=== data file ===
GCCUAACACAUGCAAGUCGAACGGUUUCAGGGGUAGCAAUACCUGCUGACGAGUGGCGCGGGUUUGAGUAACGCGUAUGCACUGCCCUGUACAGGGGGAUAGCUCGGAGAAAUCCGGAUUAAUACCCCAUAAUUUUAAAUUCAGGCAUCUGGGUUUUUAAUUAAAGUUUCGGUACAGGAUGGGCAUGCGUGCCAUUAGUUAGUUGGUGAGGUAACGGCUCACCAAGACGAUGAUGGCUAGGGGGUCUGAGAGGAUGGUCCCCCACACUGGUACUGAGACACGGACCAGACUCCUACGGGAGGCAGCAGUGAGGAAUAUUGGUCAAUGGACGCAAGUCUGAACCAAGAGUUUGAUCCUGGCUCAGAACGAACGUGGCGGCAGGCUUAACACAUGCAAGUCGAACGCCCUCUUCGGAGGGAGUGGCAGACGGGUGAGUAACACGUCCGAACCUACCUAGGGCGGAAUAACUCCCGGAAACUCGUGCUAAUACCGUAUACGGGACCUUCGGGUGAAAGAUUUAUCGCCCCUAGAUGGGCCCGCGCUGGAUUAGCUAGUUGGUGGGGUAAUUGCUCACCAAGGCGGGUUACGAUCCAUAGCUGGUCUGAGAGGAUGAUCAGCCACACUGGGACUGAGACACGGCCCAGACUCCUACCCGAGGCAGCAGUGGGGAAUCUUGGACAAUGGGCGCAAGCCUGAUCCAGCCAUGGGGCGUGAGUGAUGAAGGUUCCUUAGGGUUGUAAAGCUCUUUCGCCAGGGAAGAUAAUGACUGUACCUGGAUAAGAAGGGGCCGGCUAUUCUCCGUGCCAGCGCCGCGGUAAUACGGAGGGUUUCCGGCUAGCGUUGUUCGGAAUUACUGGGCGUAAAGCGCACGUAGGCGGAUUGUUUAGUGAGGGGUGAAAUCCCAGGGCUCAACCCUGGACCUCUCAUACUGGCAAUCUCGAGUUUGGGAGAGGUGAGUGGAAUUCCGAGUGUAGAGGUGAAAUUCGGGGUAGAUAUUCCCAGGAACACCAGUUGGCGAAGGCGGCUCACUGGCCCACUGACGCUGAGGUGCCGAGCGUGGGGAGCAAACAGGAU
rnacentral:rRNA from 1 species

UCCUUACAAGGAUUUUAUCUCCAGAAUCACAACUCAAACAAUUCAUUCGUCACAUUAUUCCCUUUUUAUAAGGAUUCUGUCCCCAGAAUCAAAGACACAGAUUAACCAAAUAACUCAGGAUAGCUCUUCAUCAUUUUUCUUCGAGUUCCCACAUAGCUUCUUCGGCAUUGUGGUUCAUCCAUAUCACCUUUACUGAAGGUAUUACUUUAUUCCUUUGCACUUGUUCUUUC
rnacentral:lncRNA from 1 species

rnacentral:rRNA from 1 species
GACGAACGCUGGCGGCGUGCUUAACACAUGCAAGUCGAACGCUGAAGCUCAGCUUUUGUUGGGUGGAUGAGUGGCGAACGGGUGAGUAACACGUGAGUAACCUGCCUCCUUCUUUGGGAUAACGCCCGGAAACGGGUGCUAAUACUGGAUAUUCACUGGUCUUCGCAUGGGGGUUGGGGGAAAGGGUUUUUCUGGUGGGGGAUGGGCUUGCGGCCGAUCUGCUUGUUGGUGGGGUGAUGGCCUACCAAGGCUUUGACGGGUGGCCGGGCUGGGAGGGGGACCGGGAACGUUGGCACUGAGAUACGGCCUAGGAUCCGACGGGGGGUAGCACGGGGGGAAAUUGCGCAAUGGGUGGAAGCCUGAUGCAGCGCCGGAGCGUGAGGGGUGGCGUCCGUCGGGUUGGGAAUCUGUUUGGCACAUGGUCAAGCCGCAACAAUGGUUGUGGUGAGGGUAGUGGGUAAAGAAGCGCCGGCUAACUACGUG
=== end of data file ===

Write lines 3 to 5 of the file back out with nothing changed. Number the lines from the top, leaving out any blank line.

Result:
UCCUUACAAGGAUUUUAUCUCCAGAAUCACAACUCAAACAAUUCAUUCGUCACAUUAUUCCCUUUUUAUAAGGAUUCUGUCCCCAGAAUCAAAGACACAGAUUAACCAAAUAACUCAGGAUAGCUCUUCAUCAUUUUUCUUCGAGUUCCCACAUAGCUUCUUCGGCAUUGUGGUUCAUCCAUAUCACCUUUACUGAAGGUAUUACUUUAUUCCUUUGCACUUGUUCUUUC
rnacentral:lncRNA from 1 species

rnacentral:rRNA from 1 species